Describe the interrelationships between the rabbits and the other species on the South Downs, and so explain how and why the local vegetation changed after the myxomatosis outbreak.
The South Downs, which is chalk grassland, extends from Winchester in Hampshire to Eastbourne in East Sussex. On the South Downs there is a rich diversity of plants and animals. A species of the South Downs is the european rabbit, Oryctolagus cuniculus which was introduced into Britain in the Middle Ages.
The first thing to look at is the interrelationships between the rabbits and other species. Rabbits are herbivores, primary consumers. They are highly selective grazers that concentrate on the most nutritious plants and keep the surrounding vegetation short. The elder bushes were unpalatable to the rabbits. Grazing by rabbits can be very beneficial to maintain the diversity of the habitat.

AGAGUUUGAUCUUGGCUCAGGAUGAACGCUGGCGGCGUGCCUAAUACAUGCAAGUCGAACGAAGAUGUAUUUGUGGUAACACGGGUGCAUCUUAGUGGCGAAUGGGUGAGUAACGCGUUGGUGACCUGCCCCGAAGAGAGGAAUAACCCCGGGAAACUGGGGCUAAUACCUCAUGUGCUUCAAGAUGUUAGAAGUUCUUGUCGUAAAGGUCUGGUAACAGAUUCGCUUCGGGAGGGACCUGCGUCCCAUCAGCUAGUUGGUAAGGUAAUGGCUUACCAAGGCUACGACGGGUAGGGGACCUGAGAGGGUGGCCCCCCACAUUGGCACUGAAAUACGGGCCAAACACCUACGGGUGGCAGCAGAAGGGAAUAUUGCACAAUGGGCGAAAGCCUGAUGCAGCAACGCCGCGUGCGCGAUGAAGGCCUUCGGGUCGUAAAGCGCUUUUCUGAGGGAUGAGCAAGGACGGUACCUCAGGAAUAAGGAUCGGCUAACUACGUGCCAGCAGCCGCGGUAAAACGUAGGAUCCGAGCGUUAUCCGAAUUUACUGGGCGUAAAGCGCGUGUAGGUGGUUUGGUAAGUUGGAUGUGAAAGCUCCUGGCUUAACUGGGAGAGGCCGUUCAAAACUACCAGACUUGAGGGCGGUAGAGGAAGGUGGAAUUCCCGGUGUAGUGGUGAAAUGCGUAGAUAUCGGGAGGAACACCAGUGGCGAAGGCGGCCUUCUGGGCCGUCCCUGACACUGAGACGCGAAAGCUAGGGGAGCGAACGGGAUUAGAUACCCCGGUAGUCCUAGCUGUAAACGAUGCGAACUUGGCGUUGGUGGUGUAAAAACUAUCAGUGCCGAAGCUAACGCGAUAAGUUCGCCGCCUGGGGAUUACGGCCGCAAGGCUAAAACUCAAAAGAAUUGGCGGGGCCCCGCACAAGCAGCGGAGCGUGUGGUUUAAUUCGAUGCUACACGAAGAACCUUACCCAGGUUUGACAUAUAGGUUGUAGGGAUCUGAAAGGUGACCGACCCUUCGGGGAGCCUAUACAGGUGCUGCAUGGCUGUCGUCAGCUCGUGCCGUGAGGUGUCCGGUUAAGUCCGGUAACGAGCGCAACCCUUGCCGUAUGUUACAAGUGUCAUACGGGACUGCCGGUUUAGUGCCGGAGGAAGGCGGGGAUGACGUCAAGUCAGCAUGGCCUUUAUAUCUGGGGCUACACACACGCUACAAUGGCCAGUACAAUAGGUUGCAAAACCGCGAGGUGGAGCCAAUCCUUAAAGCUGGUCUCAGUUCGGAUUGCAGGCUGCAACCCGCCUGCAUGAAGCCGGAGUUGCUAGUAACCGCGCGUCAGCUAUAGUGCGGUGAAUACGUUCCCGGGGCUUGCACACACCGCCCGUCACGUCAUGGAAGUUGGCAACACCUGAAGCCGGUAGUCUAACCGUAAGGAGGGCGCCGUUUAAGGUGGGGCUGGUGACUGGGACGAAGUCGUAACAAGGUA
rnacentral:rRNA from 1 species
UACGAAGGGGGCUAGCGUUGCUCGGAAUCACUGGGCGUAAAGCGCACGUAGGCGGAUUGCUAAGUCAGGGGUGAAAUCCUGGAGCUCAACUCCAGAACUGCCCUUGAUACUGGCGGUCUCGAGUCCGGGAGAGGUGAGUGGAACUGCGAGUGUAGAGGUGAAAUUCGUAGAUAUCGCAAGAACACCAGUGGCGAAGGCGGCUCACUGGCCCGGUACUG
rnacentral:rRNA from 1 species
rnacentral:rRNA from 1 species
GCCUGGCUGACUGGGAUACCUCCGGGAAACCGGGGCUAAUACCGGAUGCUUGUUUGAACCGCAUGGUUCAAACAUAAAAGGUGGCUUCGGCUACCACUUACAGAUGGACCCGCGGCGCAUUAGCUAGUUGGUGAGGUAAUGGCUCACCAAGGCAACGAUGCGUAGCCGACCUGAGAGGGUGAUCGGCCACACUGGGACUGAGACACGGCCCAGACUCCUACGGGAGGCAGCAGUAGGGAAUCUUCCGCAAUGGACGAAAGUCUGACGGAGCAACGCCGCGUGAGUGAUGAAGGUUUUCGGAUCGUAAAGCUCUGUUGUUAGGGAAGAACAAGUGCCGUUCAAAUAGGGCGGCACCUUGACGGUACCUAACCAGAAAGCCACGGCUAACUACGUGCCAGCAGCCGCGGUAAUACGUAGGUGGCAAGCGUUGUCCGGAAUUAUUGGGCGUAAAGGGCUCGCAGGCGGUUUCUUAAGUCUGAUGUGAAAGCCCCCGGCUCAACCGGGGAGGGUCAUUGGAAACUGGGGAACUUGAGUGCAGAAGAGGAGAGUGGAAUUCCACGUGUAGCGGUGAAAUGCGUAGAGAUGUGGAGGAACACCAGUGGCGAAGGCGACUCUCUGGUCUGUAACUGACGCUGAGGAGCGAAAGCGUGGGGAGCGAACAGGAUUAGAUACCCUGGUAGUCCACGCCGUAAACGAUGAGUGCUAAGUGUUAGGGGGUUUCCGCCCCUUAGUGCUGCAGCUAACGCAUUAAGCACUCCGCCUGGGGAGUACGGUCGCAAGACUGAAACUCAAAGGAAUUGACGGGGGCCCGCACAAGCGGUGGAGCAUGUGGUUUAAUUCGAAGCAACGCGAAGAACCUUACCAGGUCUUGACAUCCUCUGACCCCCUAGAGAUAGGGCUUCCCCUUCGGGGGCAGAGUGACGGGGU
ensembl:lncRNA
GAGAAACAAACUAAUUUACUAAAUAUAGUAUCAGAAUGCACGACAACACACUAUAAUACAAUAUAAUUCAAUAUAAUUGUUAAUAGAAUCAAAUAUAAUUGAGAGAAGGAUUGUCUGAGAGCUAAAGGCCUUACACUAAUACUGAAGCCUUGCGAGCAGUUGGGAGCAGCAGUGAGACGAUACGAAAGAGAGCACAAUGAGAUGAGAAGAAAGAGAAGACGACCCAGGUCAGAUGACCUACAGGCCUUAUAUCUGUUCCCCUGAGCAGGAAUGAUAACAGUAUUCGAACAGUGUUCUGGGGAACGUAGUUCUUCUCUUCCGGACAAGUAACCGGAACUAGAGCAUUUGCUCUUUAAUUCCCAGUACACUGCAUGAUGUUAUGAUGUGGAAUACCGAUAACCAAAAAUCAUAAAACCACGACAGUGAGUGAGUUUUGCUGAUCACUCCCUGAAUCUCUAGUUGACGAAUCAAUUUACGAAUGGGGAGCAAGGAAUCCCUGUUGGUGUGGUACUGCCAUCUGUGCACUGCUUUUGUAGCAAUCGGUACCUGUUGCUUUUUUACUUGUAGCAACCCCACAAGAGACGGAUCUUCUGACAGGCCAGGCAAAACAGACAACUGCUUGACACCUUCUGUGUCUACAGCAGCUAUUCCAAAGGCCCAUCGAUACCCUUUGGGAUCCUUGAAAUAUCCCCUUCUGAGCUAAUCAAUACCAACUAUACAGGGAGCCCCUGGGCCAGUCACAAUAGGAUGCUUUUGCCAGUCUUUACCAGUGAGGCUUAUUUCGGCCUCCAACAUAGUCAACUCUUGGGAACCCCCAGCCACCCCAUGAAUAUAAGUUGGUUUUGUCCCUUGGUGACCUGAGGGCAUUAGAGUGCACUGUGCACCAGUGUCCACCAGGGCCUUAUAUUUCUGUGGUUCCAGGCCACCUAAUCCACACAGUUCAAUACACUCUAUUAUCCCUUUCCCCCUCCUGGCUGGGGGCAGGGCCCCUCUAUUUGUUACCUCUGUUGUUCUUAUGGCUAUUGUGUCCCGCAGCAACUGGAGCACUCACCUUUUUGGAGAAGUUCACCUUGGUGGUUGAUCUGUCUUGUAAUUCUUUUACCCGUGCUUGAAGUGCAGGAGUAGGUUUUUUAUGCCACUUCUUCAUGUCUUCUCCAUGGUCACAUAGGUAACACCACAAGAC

The animals that benefited from this are the stone curlew, a species that favours to dwell in short grass. Another species of bird, the wheater, benefited from the behaviour of rabbits as they use discarded rabbit holes for nesting. An insect that relies on the rabbit population is the minotaur beetle. The dung produced by the rabbits is used by the minotaur beetle larvae for food.
Rabbits act as competition for the brown hare, other herbivores and other grazing animals as they all compete for food and territory. The scratching around for food and burrowing of the rabbits exposed areas of bare chalk, which encouraged the establishment of weeds such as nettles, thistles and ragwort. Trees could not become deep-rooted because the rabbits damaged or killed them by eating the leaves. Trees grow from the tip down. When trees die, they decay and the nutrients are returned to the soil and utilised by other flora. This process is part of the food chain.
When the myxoma virus was...